That patience was rewarded. I came home one day, fired up my Prodigy account (aging myself with that reference) and checked the quote. The stock had popped on tremendous volume. Doug’s next newsletter wasn’t due for a couple weeks, so I just waited patiently to see what his thoughts were on the move.
Sure enough, the company had made a discovery. It wasn’t diamonds, it was nickel… What would turn out to be the largest nickel discovery in the world at that time. Doug said the geologists were mortgaging their homes to buy more of the stock, according to his sources. That sounded good to me, so I held on.
I eventually sold that stock for about $40/share. It went to $100 after a 4:1 split. That was a massive score for a lot of people, and it hooked me big time on investing, speculating and the whole junior mining and resource space in particular.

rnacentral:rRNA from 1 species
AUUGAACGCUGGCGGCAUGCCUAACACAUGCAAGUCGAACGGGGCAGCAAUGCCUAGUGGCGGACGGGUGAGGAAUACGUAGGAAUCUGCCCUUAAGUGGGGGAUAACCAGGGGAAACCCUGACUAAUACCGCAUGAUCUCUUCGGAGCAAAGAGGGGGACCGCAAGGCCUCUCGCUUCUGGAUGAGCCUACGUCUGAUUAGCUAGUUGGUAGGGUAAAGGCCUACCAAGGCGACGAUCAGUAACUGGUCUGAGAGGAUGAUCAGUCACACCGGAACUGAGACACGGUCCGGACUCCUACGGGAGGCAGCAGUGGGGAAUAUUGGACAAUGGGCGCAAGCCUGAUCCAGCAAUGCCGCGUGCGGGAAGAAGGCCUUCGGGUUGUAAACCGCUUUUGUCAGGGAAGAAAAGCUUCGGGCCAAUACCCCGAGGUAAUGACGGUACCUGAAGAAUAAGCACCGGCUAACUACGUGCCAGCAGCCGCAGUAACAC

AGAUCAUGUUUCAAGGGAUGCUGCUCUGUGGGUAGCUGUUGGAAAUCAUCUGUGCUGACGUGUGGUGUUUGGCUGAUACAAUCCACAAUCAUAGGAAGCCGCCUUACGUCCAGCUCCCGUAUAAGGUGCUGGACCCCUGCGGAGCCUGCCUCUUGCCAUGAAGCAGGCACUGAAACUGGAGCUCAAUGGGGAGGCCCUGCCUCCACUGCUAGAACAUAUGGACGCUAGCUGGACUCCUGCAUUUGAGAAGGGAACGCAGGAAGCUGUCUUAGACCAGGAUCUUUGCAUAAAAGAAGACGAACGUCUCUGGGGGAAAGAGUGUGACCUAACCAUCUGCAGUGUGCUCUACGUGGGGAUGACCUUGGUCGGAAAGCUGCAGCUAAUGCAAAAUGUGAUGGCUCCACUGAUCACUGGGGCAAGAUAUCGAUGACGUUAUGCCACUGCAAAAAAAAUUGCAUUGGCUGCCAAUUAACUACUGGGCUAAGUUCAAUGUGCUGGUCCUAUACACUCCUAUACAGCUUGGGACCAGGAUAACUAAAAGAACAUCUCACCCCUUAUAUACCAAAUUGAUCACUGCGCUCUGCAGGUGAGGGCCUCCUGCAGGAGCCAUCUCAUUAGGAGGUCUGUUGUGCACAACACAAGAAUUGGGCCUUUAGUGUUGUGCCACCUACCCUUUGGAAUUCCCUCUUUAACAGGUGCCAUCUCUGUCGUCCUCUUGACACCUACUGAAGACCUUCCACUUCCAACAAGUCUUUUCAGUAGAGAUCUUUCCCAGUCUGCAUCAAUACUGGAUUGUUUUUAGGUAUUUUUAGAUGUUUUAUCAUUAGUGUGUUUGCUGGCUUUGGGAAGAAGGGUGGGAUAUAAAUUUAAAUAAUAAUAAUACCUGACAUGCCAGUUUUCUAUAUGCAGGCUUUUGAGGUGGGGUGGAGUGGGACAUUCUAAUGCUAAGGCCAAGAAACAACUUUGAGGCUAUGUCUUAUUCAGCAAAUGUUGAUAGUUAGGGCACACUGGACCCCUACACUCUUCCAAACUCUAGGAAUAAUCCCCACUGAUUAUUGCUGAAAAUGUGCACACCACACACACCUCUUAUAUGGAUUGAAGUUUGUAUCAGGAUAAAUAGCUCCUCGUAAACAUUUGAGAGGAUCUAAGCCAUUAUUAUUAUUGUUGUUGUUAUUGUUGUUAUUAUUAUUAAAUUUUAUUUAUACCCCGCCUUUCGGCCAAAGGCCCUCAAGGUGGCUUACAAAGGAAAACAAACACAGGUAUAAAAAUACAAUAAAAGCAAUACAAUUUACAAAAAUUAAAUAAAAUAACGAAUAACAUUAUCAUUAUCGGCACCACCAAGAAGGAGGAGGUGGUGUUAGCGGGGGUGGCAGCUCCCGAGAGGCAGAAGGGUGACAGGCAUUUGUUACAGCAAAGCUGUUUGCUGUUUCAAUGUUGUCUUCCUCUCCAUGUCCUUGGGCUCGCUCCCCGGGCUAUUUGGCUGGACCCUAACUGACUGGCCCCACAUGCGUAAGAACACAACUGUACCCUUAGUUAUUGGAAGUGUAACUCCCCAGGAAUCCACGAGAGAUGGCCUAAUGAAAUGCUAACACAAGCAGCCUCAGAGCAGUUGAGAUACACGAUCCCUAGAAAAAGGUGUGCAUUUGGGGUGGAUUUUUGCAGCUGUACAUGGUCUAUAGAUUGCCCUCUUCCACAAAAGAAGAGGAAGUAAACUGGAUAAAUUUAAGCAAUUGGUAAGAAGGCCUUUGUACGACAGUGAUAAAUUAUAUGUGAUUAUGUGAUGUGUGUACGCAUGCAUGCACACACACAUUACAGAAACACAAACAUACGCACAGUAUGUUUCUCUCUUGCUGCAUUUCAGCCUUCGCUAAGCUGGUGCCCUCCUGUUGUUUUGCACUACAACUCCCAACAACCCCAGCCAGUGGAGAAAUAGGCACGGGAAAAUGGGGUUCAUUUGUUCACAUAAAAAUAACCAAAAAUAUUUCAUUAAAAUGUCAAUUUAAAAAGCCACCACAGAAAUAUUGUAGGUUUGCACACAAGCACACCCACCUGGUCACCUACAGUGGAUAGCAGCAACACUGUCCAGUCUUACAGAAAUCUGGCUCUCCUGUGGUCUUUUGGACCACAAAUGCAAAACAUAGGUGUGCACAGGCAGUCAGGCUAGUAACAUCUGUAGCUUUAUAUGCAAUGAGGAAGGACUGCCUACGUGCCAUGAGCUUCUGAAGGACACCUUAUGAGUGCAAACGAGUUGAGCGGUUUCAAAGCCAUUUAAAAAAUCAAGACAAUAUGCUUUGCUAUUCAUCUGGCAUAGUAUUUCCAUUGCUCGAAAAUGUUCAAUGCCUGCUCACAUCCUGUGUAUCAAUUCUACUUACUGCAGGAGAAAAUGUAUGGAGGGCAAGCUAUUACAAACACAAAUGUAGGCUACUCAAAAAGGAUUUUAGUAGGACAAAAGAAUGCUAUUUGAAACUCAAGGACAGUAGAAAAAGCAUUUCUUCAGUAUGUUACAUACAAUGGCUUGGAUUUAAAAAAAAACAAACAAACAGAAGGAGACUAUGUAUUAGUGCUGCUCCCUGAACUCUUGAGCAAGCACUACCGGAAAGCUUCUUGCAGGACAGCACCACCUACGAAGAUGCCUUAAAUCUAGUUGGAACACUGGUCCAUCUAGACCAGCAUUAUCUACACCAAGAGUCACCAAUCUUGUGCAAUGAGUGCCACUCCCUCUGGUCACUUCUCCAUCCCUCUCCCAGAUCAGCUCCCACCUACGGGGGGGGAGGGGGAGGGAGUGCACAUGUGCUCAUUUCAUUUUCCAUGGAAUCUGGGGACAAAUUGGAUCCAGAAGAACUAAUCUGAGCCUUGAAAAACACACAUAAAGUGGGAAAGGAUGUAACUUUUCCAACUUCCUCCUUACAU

That investment taught me about patience and the value of a network of connected people.
That’s amazing, Mark — I know everyone has heard “legends” of people hitting so-called “10-baggers” (or in your case…much more!) but I am willing to wager that not many people have actually spoken with someone who’s accomplished that! Thank you for sharing your story!
Like Chris, you also mention the value of patience and a network of connected people, something I talk about here at Kung Fu Finance all of the time — we are kindred spirits.
And you were willing to hold on when the stock initially dropped in half, which can’t have been easy (I happen to know from experience!) (laughs) because you trusted in yourself and in your thesis and believed in Doug — and what a reward you found for doing so!